From the article Mr. Yap posted about Henry Wang's no touch, "If we, as his students, choose to be insensitive and not respond to Master Wang’s energy, it is possible to resist it. But there is no point in such an attitude. The purpose of tai chi for us is to increase our body awareness and sensitivity, develop chi energy, and to improve our health."

Then we have to understand exactly what "projected energy" means from the Chinese Internal Martial Arts. "Projected energy" say is a translation of Jing. Jing has many forms or categories such as Tzeh Jing translated in many ways. One translation is Adopting power. Whereas, others are "taking," "borrowing" and all the related Thesaurus entires dependent how the Chinese word is initially translated. Point being it's confusing to know what information is being communicated by the phrase "Projected energy."

English speakers when we first hear the word "Jing" we have no idea what that means. We are told something like it is "Projected Energy" then we think that means some invisible visually undetectable defeating force coming out of someone's extremities. And the CMA will say it is from developing Qi Gong and we start all over again with trying to figure out what that means.

But, in this situation I think we have students completely convinced of said abilities, which I don't know are valid or not, in such a way that it clearly defines what Master Wang's "projected force" really is. Which explains why it works so well on his students. Therefore, giving credence to the common statement, 'that it only seems works on the master's students."

Buck
07-21-2010, 11:32 AM
For reference here is vids some may have seen that relate

projected power, physical defined
http://www.youtube.com/watch?v=7dV90fvc0oA&feature=related
http://www.youtube.com/watch?v=jwnF_3ovmaw&feature=related

a master demonstrating on his student http://www.youtube.com/watch?v=oGaWhP4lbys&feature=related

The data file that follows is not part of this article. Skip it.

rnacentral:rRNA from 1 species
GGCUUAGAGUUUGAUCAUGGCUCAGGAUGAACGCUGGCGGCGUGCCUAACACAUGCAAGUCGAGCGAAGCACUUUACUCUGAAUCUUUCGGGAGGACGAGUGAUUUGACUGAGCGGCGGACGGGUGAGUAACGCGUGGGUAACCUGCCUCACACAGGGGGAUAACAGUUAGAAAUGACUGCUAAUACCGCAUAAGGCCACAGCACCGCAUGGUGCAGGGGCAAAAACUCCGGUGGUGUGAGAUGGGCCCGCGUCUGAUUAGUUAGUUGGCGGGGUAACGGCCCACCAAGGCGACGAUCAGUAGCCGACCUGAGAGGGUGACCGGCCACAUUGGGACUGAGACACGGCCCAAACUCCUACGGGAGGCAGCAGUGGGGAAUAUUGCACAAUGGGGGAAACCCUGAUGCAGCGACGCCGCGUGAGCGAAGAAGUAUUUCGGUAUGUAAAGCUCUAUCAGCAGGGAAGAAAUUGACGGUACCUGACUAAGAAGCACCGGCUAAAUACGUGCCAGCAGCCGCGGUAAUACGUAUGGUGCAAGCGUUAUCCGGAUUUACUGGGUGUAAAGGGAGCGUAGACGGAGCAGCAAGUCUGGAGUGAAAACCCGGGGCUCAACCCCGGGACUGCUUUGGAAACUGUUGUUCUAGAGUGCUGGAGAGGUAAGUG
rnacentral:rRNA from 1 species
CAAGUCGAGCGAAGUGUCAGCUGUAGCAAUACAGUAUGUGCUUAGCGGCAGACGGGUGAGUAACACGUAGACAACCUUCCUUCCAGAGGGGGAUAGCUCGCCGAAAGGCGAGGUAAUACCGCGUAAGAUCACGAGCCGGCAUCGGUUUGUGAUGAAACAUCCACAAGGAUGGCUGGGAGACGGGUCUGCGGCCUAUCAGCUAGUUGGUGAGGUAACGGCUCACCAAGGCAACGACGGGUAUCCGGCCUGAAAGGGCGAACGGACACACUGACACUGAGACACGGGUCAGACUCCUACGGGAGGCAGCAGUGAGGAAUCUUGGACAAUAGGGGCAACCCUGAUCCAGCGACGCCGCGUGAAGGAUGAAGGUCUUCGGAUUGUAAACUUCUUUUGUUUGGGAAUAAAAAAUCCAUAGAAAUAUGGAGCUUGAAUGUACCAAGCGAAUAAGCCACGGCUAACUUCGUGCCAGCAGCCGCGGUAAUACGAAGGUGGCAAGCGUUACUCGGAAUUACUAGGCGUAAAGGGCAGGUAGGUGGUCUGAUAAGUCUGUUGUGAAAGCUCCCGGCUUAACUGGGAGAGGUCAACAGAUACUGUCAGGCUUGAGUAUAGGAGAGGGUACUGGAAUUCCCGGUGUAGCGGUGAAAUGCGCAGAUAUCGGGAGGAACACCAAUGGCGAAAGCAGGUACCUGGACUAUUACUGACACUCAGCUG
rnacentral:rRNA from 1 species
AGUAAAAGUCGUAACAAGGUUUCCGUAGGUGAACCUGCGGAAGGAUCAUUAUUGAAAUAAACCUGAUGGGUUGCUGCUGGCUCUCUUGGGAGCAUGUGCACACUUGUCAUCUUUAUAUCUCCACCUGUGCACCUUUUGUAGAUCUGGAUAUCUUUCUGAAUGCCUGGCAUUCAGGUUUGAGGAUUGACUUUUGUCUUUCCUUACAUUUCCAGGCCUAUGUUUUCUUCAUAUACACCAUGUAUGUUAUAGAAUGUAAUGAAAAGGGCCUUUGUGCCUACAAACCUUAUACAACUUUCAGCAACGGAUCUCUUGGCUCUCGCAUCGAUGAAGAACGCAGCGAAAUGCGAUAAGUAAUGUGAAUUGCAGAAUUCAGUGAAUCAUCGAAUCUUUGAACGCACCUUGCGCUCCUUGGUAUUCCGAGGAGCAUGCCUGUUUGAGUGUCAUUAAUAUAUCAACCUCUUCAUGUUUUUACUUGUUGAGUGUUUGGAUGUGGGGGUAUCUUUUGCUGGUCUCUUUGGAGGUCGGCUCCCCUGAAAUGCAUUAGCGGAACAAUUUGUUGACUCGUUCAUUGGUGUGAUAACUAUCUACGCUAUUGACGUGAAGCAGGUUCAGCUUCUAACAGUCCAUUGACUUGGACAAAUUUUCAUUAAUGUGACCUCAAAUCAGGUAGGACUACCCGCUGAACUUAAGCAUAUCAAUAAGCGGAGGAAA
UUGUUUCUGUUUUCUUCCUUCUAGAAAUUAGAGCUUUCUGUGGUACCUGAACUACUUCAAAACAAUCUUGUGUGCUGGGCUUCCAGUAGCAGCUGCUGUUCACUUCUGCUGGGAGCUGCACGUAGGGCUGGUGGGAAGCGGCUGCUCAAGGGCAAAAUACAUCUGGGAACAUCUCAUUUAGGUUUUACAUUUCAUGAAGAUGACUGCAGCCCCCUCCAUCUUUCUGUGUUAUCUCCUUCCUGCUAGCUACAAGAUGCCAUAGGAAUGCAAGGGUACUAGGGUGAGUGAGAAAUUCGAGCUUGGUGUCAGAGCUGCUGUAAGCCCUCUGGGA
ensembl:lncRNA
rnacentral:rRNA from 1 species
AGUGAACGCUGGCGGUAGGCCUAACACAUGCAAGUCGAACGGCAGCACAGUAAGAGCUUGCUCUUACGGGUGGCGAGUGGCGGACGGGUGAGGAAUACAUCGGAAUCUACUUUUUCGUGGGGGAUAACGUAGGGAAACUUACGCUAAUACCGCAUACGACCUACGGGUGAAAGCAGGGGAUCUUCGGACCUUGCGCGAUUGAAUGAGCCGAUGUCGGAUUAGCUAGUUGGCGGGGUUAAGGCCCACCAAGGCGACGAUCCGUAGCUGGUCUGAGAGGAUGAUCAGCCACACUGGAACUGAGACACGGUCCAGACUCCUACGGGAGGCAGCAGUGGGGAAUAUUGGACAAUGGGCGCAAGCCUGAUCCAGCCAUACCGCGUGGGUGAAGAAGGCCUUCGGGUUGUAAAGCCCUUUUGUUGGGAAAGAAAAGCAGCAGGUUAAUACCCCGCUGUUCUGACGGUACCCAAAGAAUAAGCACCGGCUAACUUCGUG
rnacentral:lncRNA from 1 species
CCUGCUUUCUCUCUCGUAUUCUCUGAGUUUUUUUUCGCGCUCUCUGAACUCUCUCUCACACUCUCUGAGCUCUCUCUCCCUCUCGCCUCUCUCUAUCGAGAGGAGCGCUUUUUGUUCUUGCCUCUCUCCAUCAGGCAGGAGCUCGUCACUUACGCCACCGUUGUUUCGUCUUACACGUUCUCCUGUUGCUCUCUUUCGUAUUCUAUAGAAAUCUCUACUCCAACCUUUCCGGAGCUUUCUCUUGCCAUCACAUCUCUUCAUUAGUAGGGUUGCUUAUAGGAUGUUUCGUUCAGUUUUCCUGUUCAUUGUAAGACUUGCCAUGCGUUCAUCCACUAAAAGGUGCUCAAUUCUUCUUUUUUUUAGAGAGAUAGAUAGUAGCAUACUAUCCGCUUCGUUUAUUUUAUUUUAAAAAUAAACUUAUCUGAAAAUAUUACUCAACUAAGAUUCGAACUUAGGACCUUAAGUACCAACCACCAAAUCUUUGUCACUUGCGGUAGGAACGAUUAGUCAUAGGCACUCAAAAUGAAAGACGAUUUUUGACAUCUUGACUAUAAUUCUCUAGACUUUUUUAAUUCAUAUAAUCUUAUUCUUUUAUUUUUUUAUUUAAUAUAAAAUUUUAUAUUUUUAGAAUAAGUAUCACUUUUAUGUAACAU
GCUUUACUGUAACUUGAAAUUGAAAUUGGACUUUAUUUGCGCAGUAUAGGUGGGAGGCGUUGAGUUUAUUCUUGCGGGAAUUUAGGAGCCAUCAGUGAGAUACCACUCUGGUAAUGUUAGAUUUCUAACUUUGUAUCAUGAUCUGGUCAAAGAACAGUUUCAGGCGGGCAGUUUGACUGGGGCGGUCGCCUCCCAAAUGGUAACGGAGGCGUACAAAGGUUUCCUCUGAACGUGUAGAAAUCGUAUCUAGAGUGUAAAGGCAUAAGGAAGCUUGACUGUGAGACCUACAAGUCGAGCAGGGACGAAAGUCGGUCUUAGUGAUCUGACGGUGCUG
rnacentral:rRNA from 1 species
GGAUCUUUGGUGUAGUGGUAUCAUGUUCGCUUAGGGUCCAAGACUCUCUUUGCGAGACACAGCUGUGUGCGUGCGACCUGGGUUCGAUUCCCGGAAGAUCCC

Mike Sigman
07-21-2010, 11:38 AM
The "jin" we're talking about (BTW, it's often spelled "jing" when used as a modifier, e.g. "jieh-jing") means essentially a 'trained force skill', something like a 'force vector'. It's the same force that is at the heart of the "ki tests", "kokyu throws", and so on. You train the release of those forces in conjunction with training the body via breathing-techniques/conditioning (aka "qigongs").... hence saying something like "breath throw" (kokyunage) is pretty accurate. You can see how silly this has become with some of the posted understandings about how kokyu gets mangled in definitions of 'breathing'.

A lot of the terminology had practical origins back in the old days. A "kong jing" (empty-force) skill originally was a legitimate study facet in martial-arts. You make a careful feint and your opponents reacts by moving in a certain direction... i.e., you make the technique work by affecting the opponent's ki/qi. E.g., a "ki throw". With only a little misunderstanding, a "ki throw" morphs into the ridiculous very quickly.

Rather than stay in a fixed position when an opponent hits you (if you absorb his potentially damaging blow, you "absorb his ki", in a negative sense), you should simply hop or move with the blow. This is a very logical tactic, but it has morphed in some systems (particularly in southern China) to where at the slightest cue the student bounces obligingly away. Anyone who doesn't bounce to some teachers' slight cues "hasn't developed the proper sensitivity".

And so it goes. The ability to release a lot of power is related quite naturally to being able to generate a fair amount of power without much overt movement. This makes for great demonstrations, but it has to be seen for what it is... a minor facet of the broad range of body training/conditioning that is in a full-blown martial art. As soon as I see some 'teacher' and his students spending a lot of time playing too much "bounce-away", "no-touch", etc., games, I tend to write them off.

FWIW

Mike Sigman

DonMagee
07-21-2010, 12:46 PM
Cult like followings are very easy to develop in martial arts. Many new students have confidence issues from the start (possibly the reason they are starting martial arts) and thus are easy to manipulate with promises of power and strength.

Once you get two or three of them, the rest fall in line by simply not wanting to be the odd man out in the group. You fall down because if you didn't you would get funny looks from your "friends" and kicked out of the group. Eventually you believe you are seriously getting knocked down and start to pass on the lie as truth. Next up comes making excuses when you start to try to show your skills to others and eventually the cycle restarts.